With the strength she could muster, she reached down to grab the knife strapped to her leg, knocking Lanz off her arm and into the mud as she unsheathed it. She wedged the blade between his chest and the rope and severed his bounds, freeing the tiny at long last.

“Hand me your knife,” Lanz ordered, wasting no time as he approached her wound. Miriam suppressed her judgment and handed him the knife. The seven-inch blade, in conjunction with its handle, dwarfed the tiny, but he managed to wield it by leaning it against his shoulder. Holding it upside down by the blade, Lanz carved a small cut where the scorpion stung her, drawing blood. He tossed the knife aside and pressed his face against the wound, coating himself in blood as he sucked the venom out of her bloodstream.

It took a couple minutes of sucking and spitting, Miriam dumbstruck at the lengths her enemy was going for her, but Lanz managed to get the poison out of her system before it could do any lasting damage. With that job complete, he crawled over her arm and onto her back. The cut laid out before him like a fissure in the earth. 

“It's just a flesh wound,” he noted, examining the injury. “There's no major damage to anything beyond the muscle, but the cut's deep. It'll need stitches.” Lanz jumped off her back and started towards the direction they came from. His face and uniform were soaked red in Miriam's blood. 

“Wait, you're not going to leave me here, are you?”

“The first aid kit's back at the plane. I'll need it to treat the wound. You'll be fine for a while as long as you don't move.”

“But…” He was already gone, running off towards the beach. Miriam was alone, nothing but searing pain and the squawking of birds to keep her company. Every minute that passed carried Miriam's faith in Lanz with it. She was sure he abandoned her, that he decided saving her wasn't worth the effort or supplies. Twenty minutes passed, and she had half a mind to crawl to the beach, giving that tiny piece of shit what he had coming, even if it killed her. But she waited, blood slowly dribbling from her back, the faintest part of her holding out hope for his return. Her vision grew blurry, her throat parched. It became difficult to perceive everything around her: the palm trees blowing in the wind, the flies clinging to her skin and soaking in her sweat, the taste of the mud that splashed in her mouth, the piercing green eyes staring at her from the bush.

From the bushes in front of her, a black panther crept out, snarling at the injured woman. Miriam stared back, her wound’s bleeding hastening as her heartbeat sped up. Very slowly, she felt around her waist for her handgun, but it wasn’t there. The holster was gone, sitting more than an arm’s reach away in the mud. During the fall, the belt caught on the sharp rock, splitting it apart and sending her gun hurtling out of reach. If it were only a few inches to the left, she could grab it and stop the panther before it struck, but it was so far that by the time it’d take for her to roll over to it, the panther would already be on her.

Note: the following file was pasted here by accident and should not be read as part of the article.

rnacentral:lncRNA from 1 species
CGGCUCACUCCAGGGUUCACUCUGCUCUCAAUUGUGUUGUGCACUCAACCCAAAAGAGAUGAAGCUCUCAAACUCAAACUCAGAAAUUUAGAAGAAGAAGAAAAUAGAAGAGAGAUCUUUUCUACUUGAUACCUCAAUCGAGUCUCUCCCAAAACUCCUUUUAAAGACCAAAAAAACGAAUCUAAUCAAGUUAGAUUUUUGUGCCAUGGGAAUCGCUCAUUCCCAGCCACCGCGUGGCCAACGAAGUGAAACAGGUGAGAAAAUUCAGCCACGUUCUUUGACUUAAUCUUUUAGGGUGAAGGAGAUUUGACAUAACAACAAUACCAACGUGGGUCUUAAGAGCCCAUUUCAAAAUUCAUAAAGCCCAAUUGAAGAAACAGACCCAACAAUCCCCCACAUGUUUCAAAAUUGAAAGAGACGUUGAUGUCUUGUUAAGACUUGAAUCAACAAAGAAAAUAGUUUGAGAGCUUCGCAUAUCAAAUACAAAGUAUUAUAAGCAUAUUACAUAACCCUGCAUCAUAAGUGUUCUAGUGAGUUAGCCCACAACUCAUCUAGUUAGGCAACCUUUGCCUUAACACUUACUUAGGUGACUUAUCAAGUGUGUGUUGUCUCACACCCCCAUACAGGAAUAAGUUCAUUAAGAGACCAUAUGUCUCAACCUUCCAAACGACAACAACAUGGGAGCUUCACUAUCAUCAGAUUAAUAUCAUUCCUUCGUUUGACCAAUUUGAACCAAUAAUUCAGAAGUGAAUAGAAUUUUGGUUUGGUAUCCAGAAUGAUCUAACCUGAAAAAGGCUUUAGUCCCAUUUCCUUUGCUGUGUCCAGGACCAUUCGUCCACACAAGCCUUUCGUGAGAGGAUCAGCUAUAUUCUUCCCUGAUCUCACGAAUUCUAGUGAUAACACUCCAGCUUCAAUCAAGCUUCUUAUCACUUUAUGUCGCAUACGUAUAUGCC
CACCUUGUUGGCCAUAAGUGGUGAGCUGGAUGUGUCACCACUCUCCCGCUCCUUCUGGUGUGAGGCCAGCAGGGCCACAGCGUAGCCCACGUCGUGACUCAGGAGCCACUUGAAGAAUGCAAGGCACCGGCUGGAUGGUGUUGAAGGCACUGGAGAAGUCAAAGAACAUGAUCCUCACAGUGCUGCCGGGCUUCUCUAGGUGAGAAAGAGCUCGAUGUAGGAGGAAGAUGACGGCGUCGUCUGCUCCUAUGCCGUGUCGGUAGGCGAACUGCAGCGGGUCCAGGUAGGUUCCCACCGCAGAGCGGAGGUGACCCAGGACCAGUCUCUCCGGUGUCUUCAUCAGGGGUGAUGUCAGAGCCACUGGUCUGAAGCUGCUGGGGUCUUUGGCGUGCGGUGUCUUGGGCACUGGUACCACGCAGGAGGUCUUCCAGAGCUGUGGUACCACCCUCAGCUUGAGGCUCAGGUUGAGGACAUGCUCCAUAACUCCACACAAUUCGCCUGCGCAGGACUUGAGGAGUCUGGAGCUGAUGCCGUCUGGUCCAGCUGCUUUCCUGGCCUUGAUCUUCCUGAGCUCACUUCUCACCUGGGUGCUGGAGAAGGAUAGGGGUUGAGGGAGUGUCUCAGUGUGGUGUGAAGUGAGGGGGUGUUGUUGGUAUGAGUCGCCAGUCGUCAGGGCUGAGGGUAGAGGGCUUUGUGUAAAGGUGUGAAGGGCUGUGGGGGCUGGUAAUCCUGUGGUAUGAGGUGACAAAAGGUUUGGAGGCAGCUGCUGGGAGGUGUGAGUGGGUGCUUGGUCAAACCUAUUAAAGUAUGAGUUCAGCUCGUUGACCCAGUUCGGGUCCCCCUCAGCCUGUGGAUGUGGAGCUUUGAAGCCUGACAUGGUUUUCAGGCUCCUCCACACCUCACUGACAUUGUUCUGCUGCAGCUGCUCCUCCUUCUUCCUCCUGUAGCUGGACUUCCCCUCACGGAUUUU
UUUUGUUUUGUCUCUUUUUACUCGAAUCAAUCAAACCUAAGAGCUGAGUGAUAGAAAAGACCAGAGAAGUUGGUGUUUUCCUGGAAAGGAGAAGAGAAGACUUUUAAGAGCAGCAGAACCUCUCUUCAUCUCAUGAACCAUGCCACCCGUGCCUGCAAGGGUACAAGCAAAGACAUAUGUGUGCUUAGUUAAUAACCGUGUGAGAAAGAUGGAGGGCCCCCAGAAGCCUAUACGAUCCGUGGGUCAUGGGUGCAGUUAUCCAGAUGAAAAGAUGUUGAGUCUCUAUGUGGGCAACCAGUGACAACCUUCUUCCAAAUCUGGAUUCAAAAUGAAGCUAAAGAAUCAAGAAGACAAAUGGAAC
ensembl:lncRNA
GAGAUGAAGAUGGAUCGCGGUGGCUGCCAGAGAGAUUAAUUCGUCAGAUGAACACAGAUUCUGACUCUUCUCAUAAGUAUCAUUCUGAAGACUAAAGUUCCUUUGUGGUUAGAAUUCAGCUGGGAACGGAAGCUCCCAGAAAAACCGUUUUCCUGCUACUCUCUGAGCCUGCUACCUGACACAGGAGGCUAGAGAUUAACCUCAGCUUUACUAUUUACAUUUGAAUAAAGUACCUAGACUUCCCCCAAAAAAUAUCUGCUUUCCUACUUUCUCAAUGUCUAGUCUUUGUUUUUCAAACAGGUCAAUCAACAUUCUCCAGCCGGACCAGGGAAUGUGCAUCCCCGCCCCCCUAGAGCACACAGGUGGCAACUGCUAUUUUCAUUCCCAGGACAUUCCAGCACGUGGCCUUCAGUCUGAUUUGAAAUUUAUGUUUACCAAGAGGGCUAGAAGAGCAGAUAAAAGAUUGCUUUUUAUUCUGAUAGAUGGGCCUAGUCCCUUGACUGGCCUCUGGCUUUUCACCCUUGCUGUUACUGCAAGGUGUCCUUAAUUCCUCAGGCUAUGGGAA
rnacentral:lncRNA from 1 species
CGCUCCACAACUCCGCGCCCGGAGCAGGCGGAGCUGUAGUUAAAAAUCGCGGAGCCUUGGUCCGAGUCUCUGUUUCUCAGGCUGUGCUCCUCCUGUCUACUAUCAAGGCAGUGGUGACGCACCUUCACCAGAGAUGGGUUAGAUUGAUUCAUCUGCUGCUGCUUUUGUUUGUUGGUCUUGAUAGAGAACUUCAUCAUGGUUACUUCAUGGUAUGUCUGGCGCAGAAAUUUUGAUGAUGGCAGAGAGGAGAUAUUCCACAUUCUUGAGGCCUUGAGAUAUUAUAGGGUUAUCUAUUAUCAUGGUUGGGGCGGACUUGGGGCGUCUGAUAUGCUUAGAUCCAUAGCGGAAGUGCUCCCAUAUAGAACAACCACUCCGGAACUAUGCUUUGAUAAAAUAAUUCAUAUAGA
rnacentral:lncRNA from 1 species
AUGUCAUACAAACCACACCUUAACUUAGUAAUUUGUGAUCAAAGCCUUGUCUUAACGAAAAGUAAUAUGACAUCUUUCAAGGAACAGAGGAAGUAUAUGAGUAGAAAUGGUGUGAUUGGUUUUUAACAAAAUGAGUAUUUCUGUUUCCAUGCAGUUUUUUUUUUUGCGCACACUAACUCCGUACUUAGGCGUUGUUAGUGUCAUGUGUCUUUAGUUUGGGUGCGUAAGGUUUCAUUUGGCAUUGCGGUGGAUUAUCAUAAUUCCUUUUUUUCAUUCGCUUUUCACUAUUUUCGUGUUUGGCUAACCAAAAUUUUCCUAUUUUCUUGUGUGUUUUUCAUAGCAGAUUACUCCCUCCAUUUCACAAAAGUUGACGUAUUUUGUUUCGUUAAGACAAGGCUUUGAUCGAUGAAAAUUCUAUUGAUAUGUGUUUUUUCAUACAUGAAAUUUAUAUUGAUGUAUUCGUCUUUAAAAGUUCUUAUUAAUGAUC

All she could do was look the predator in the eye, afraid even a sudden glance away would be enough to trigger the animal. This is it, she thought, It’s over. This wasn’t how she thought her life would end. She had a whole life ahead of her. She was going to rise through the ranks, eventually become a general, and earn the admiration of her people. History books would speak of her as a hero, responsible for several strategic victories, and attributed with the accomplishment of triumphing over Fidelphi, ending a war all thought endless. She was to die of old age, comfortably in her bed after a celebrated retirement. If not that, then she would at least be killed honorably on the battlefield, her efforts instrumental in her nation’s inevitable victory. This wasn’t how it was supposed to end, stuck on some island God-knows-where, placing her last hope on her mortal enemy only to be slaughtered by wildlife.

The panther primed to pounce, reeling itself back, head low and hind high. Miriam didn’t waver, afraid that if she closed her eyes, she’d never open them again. But as the panther leapt at her, it winced back as what sounded like a firecracker shot off to Miriam’s left. A small spout of blood leaked from the center of the panther’s right eye. Miriam looked over to the source of the sound.